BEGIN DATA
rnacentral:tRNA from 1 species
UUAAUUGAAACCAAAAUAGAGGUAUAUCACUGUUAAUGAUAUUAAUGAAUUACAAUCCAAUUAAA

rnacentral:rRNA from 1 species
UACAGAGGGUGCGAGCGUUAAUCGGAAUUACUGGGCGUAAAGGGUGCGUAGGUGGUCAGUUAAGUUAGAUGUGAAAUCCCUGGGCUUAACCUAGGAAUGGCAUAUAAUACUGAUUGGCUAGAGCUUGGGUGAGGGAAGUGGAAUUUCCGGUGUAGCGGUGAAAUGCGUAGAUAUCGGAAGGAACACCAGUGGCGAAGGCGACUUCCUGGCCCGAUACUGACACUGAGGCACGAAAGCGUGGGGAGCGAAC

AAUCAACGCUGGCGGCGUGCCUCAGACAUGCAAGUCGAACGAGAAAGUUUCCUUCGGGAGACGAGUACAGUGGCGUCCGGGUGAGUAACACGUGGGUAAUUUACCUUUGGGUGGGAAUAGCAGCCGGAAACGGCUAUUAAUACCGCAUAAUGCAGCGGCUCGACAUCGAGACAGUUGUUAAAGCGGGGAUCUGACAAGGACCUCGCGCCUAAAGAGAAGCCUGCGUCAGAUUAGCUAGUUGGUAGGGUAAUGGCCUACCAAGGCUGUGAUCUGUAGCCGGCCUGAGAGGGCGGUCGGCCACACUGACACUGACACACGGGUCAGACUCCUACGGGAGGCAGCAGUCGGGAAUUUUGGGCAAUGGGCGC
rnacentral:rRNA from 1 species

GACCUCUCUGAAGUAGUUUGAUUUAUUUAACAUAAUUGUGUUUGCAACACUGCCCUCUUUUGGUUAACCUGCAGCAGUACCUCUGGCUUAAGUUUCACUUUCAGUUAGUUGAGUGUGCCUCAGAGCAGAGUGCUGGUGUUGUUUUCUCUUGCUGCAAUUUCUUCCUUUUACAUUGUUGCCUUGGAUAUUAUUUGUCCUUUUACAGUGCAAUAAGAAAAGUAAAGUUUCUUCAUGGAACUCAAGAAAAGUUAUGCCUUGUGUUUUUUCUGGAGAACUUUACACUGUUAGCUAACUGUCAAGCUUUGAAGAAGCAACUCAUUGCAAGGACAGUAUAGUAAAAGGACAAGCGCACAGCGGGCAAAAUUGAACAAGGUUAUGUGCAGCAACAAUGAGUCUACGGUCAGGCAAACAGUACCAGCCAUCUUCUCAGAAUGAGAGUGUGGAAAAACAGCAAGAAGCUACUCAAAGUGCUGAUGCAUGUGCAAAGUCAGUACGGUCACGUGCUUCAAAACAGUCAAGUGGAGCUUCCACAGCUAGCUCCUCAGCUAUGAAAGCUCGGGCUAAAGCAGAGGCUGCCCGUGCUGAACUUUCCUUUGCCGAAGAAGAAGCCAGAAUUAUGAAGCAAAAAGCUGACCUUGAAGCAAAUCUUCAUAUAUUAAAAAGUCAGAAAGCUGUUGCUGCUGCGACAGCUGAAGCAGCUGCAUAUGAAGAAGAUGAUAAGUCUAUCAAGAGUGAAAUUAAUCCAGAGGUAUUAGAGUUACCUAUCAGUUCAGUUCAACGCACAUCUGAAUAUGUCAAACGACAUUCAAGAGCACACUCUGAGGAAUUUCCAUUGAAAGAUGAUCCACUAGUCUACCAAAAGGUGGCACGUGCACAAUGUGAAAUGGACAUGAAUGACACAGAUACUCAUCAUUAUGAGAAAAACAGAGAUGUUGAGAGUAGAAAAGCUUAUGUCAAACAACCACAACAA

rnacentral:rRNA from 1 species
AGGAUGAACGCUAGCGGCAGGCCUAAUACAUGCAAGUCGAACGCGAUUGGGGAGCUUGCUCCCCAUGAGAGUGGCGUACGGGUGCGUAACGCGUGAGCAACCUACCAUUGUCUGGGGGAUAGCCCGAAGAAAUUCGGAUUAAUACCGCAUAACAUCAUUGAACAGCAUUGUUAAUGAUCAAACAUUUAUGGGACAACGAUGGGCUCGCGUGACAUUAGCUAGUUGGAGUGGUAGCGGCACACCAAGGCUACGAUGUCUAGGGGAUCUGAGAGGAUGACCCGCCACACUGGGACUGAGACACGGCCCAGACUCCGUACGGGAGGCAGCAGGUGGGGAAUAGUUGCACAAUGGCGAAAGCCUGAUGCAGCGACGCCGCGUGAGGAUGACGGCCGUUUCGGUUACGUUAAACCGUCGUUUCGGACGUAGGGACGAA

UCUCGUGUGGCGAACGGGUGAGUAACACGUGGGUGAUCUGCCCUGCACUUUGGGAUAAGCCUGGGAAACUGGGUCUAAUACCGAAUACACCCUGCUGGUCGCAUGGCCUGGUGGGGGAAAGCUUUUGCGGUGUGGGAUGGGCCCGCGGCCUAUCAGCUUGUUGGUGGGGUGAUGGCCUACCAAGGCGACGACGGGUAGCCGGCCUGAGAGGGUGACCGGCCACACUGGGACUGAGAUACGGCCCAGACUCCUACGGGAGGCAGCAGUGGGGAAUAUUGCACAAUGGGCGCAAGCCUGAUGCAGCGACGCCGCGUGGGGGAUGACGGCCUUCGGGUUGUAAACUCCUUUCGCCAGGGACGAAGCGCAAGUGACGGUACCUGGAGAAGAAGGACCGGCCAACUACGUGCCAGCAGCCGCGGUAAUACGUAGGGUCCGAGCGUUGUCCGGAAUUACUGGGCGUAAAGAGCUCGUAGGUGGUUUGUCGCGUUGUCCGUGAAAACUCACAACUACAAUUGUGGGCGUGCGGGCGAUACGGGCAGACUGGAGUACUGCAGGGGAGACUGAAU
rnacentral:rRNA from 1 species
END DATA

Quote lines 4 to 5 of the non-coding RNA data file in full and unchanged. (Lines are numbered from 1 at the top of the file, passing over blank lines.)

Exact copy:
UACAGAGGGUGCGAGCGUUAAUCGGAAUUACUGGGCGUAAAGGGUGCGUAGGUGGUCAGUUAAGUUAGAUGUGAAAUCCCUGGGCUUAACCUAGGAAUGGCAUAUAAUACUGAUUGGCUAGAGCUUGGGUGAGGGAAGUGGAAUUUCCGGUGUAGCGGUGAAAUGCGUAGAUAUCGGAAGGAACACCAGUGGCGAAGGCGACUUCCUGGCCCGAUACUGACACUGAGGCACGAAAGCGUGGGGAGCGAAC

AAUCAACGCUGGCGGCGUGCCUCAGACAUGCAAGUCGAACGAGAAAGUUUCCUUCGGGAGACGAGUACAGUGGCGUCCGGGUGAGUAACACGUGGGUAAUUUACCUUUGGGUGGGAAUAGCAGCCGGAAACGGCUAUUAAUACCGCAUAAUGCAGCGGCUCGACAUCGAGACAGUUGUUAAAGCGGGGAUCUGACAAGGACCUCGCGCCUAAAGAGAAGCCUGCGUCAGAUUAGCUAGUUGGUAGGGUAAUGGCCUACCAAGGCUGUGAUCUGUAGCCGGCCUGAGAGGGCGGUCGGCCACACUGACACUGACACACGGGUCAGACUCCUACGGGAGGCAGCAGUCGGGAAUUUUGGGCAAUGGGCGC